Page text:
US Coins

Two private mint officials, former fugitives, sentenced in Seattle court

After failing to appear in court in April, the FBI began a manhunt for Bernard Hansen and Diane Erdmann, and the two were arrested by the FBI in Port Hadlock, Washington, in May.

Wanted posters courtesy of the FBI.

The former president and CEO of Northwest Territorial Mint, a now-bankrupt company dealing in precious metals, was sentenced June 6 in U.S. District Court in Seattle to 11 years in prison for 14 federal felonies resulting from a Ponzi-like scheme that defrauded customers of millions of dollars.

Bernard Ross Hansen, 61, aka Ross B. Hansen, was convicted of multiple counts of wire and mail fraud after a four-week jury trial in July 2021.

Hansen’s co-defendant and partner, vault manager Diane Renee Erdmann, 49, was convicted of 13 counts of wire fraud and mail fraud. She was sentenced to five years in prison.

This was the second scheduled sentencing hearing for the two, after they failed to show up for their late April court date and attempted to flee. The pair were arrested by the FBI in Port Hadlock, Washington, in May.

Prosecutors increased their sentencing recommendations for both Hansen and Erdmann to reflect the 11-day manhunt that followed their failure to appear. When arrested in the small town of Port Hadlock on the Washington’s Olympic Peninsula, officials said, “Ms. Erdmann and Mr. Hansen acquired a new vehicle, armed themselves with three loaded guns, and evaded supervision. Ms. Erdmann’s conduct shows a lack of respect for the Court and the law enforcement authorities that she knew would attempt to find her. Recent events have shown that Mr. Hansen also presents a danger of violence. When he was apprehended by law enforcement in Port Hadlock, he was traveling with three loaded firearms in reaching distance of the front seat of his vehicle.”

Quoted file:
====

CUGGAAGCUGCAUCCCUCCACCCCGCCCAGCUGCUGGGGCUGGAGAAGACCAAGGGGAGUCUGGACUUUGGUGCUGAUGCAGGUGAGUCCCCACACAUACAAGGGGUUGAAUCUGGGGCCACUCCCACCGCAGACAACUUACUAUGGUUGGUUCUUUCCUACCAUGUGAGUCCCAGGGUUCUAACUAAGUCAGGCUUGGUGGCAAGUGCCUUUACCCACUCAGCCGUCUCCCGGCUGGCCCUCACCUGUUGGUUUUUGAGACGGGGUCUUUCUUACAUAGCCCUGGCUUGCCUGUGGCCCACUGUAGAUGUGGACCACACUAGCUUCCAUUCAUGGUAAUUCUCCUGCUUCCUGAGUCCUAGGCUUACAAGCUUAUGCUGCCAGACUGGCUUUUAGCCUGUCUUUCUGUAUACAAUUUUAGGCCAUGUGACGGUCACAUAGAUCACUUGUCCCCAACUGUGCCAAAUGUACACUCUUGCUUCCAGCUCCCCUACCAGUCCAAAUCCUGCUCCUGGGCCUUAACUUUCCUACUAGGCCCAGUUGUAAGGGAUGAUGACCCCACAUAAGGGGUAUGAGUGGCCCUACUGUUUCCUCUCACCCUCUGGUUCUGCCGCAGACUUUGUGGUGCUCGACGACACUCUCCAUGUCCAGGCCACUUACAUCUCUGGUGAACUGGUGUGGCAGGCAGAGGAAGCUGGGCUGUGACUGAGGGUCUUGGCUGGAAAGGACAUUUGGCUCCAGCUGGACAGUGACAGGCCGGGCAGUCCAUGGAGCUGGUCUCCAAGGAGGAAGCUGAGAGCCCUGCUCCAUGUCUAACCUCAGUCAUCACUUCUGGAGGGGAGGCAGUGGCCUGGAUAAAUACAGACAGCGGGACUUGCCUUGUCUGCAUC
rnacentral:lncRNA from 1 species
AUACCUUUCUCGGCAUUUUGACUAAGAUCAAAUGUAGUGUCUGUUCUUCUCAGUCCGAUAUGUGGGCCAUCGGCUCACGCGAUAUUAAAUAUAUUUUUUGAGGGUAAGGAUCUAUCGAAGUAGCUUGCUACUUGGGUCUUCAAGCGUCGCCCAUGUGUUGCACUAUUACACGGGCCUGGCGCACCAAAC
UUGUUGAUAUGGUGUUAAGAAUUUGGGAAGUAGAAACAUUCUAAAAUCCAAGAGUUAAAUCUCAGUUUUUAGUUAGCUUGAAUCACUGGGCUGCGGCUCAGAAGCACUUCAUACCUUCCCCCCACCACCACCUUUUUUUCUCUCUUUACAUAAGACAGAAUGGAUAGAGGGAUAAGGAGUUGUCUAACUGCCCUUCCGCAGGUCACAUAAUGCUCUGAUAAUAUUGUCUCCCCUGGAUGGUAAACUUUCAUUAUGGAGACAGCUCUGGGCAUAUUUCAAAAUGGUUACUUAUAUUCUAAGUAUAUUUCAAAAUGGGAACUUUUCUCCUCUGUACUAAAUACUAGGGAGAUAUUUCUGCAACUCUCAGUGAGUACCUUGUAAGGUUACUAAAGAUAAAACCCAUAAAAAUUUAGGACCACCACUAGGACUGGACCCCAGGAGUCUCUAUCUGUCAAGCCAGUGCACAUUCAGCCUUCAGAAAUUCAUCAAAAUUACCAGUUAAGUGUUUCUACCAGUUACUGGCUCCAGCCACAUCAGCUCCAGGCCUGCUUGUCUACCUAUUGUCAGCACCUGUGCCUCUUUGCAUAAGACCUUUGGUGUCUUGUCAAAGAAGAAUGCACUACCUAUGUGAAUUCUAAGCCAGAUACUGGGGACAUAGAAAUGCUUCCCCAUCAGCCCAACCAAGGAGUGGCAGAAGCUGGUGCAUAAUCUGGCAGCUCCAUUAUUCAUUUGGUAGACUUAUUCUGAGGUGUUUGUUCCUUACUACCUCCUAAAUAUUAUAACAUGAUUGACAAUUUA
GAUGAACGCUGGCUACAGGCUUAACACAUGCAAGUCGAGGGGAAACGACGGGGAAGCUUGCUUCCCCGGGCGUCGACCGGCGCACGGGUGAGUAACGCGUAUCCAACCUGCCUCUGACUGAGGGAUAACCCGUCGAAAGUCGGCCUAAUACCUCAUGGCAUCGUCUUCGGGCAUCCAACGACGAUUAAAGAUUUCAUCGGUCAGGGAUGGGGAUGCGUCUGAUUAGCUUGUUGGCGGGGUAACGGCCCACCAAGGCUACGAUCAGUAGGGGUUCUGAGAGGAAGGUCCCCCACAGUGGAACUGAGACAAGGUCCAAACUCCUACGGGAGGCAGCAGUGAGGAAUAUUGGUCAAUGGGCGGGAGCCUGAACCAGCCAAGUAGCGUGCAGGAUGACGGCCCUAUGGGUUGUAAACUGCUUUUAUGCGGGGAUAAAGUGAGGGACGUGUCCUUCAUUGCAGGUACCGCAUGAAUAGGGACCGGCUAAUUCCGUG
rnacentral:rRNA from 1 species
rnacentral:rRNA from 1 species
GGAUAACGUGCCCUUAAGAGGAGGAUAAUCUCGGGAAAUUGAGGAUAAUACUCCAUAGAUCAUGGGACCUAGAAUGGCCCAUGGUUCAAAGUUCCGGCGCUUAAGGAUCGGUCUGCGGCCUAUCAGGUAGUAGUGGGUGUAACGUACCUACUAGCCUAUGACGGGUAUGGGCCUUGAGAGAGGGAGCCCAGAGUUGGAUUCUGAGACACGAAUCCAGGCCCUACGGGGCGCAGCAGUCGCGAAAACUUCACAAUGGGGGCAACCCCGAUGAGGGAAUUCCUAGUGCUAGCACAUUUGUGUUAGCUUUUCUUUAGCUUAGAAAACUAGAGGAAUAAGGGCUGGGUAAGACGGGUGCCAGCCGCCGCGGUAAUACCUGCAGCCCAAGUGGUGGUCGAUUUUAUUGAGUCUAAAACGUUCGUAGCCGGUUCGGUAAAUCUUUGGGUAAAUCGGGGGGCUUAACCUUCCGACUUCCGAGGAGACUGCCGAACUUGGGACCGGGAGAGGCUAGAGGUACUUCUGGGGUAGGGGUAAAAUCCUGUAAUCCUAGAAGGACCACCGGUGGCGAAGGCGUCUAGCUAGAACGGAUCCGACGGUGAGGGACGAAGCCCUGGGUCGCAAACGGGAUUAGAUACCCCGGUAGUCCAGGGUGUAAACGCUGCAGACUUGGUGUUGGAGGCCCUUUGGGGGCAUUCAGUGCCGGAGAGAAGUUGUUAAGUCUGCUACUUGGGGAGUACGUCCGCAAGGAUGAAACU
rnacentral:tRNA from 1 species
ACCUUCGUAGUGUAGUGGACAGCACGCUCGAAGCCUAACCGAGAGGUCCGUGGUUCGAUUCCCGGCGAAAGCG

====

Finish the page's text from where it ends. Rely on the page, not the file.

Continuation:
At the sentencing hearing U.S. District Judge Richard A. Jones said, “The entire means of operation was nothing more than a fiction…. You were a wrecking ball building your empire. (The victims) trusted you and had faith in the snake oil you were selling; that faith was met with manipulation and deceit.”

Northwest Territorial Mint operated both a custom business that involved the manufacturing of medallions and other awards, and a bullion business that involved the selling, buying, exchanging, storing, and leasing of gold, silver, and other precious metals. The company had offices in Federal Way and Auburn, Washington, but declared bankruptcy on April 1, 2016.

According to records in the case and testimony at trial, Hansen and Erdmann defrauded Northwest Territorial Mint customers in a variety of ways. Evidence at trial showed that Hansen and Erdmann lied about shipping times for bullion, and used customer money to expand the business to other states and to pay their own personal expenses. As a result, the company lacked enough assets to fulfill customer orders and used new customer money to pay off older customers in a Ponzi-like scheme. In total, over 2,500 customers paid for orders, or made bullion sales or exchanges, that were either never fulfilled or never refunded. The total loss to these customers was more than $25 million.

In addition to the bullion customer fraud, the evidence at trial demonstrated that Hansen and Erdmann defrauded customers who paid NWTM to safely and securely store bullion in the NWTM vaults. Evidence and testimony at trial showed that Hansen and Erdmann used this bullion that was supposed to be in secure storage to fulfill other orders. In April 2016, the NWTM vaults were inventoried and all or part of the stored bullion for more than 50 customers was missing. The missing bullion was worth more than $4.9 million.

Judge Jones ordered Hansen to pay $33.7 million in restitution. Erdmann is to pay $32.1 million in restitution.

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